Thermal frames of the rover, showing various temperatures it endured in the desert heat.

The team used a thermal imaging camera to see how the rover would perform at different temperatures and noticed that the engines in particular struggled with the high temperatures.

In a statement, it said:

“With thermal imaging we’ve determined how the heat after longer drives is working its way through the systems. We’ve found that our 3D-printed aluminum wheels seem to transport a bit better than we anticipated thus the inner driving motors heated up pretty quickly. However the important circuits and parts still remained good to work in operational temperature ranges.”

On the plus side, PT Scientists CEO Robert Boehme said that the rover traveled well over soft sand, which is similar to lunar sand.

Speaking to Doha News, he said this is because a lot of the device has been 3D printed and is lightweight.

On the other hand, the rover may not be heavy enough for harder sand.

With these findings in hand, the team hopes to make the necessary adjustments before performing a full functioning analog test, during which operators will be in a different location than the rover.

ALINA

Two of these rovers are expected to go to space via the Autonomous Landing and Navigation Module (ALINA), a lunar lander also developed by the team for the Google Lunar X Prize competition.

PT Scientists' lunar lander, ALINA

PT Scientists

PT Scientists’ lunar lander, ALINA

After this mission is completed, ALINA, which can carry up to 100kg of payload, will be used to help universities and research teams carry out experiments in space by transporting their equipment.

This will allow them to complete experiments through a private entity, rather than wait for government approval. It will also help them hold on to their own intellectual property rights, PT Scientists said.

Thoughts?

Audi lunar quattro

Part Time Scientists

Audi lunar quattro

A team of scientists who hope to put the world’s first privately-funded rover on the moon will be in Qatar this week to test their device under grueling desert conditions.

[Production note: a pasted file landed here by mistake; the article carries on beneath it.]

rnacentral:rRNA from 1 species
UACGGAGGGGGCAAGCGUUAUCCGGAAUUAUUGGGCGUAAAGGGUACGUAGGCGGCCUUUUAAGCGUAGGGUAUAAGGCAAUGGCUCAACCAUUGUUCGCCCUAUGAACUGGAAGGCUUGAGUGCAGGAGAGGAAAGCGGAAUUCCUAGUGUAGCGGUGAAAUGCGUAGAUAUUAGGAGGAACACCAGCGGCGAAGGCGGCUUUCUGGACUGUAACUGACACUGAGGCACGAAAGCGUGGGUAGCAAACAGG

Part Time (PT) Scientists will head to south Zekreet with their Audi Lunar Quattro this weekend and scope out different locations there.

Speaking to Doha News, PT Scientists CEO Robert Boehme said the team was scouting for a site that best resembles the “harsh environment of our target on the moon, the Taurus-Littrow Valley.”

Bir Zekreet

[email protected] Abdelmaksoud/Flickr

Bir Zekreet

He continued:

“Within our research we have found the Zekreet desert to be a very likely candidate for our test program because of the well-balanced mixture of smaller rocks, loose sand and steep slopes while still maintaining a good reachability.”

While in the desert, the group will test whether the rover can deal “with the sand and dust of the terrain and prove whether the passive thermal management will work as expected,” PT Scientists said in a statement.

Previously, the device has passed muster on glaciers in Austria, volcanos in Crete, mountains in New Zealand, in the remote Australian Outback and within the laboratories of NASA.

Google competition

PT Scientists has been working on their lunar project for eight years.

They are competing to win the Google Lunar X Prize, which aims to boost exploration by giving private space ventures a total of $30 million in funding.

The first group to get their rover to travel 500m on the moon and send high-resolution video, still images and other data back home wins $20 million.

The runner-up gets $5 million, according to the contest rules.

Google will award additional bonus funds of varying amounts for other tasks, including additional scientific and technical achievements or sending back images of artifacts like lunar landers from the Apollo program.

According to the National, PT Scientist’s rover is made mostly of aluminum, weighs 35kg and can reach speeds of up to 3.6km an hour.

The report added that the team is in the final stage of testing and hopes to start making the 380,000km journey to the moon in November 2017.

Thoughts?